During the course of this week, Nintendo released System Update 6.2.0 for the Switch although the changelog for the update was simply listed as being "general system stability improvements to enhance the user's experience". While that in itself may sound somewhat innocuous, it soon became clear that the gaming stalwart had brought the hammer down on both homebrew and piracy by attempting to address a previously discovered flaw in the Nvidia Tegra bootROM. This was done by rebuilding the secure boot process.
In addition to mitigating against the hardware flaw, Nintendo also brought the practice of "CDN downloading" to an end, a method used to identify newly released games on the Nintendo eShop. In order to access the platform, everyone had to upgrade to System Update 6.2.0.
Of course, in any game of cat and mouse, many were waiting to see how long it would take Switch hackers to respond to the latest development.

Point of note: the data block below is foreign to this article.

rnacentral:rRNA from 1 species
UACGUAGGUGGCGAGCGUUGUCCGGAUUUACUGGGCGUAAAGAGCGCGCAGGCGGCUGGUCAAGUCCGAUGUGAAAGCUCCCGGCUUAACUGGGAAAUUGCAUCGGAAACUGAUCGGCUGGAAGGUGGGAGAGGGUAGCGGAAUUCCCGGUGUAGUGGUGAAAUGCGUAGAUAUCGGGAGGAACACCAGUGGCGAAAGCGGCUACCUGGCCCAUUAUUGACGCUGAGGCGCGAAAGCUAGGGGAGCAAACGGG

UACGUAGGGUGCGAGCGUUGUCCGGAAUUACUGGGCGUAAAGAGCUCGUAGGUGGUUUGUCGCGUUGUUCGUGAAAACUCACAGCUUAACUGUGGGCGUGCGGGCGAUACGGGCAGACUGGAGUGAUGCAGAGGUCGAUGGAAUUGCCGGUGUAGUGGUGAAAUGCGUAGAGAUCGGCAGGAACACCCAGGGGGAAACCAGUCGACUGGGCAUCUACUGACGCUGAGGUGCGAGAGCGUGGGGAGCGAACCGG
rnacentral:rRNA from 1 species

6.2.0 cracked— motezazer (@elmirorac) November 23, 2018
Here are some SHA256 hashes in celebration :)
Master key: 9497E6779F5D840F2BBA1DE4E95BA1D6F21EFC94717D5AE5CA37D7EC5BD37A19
Given the extensive nature of the patch, it was expected by some for the development of a solution to take somewhere in the order of weeks to materialize but, as demonstrated, it only took a matter of days in this instance.
However, with the ball back in Nintendo's court, the question of not if but when it will strike back remains, particularly with Super Smash Bros. Ultimate set for launch in less than two weeks time. That said, it probably wouldn't be a surprise if the company had configured the game to require the installation of System Update 6.2.0 to force gamers to upgrade prior to playing the new title.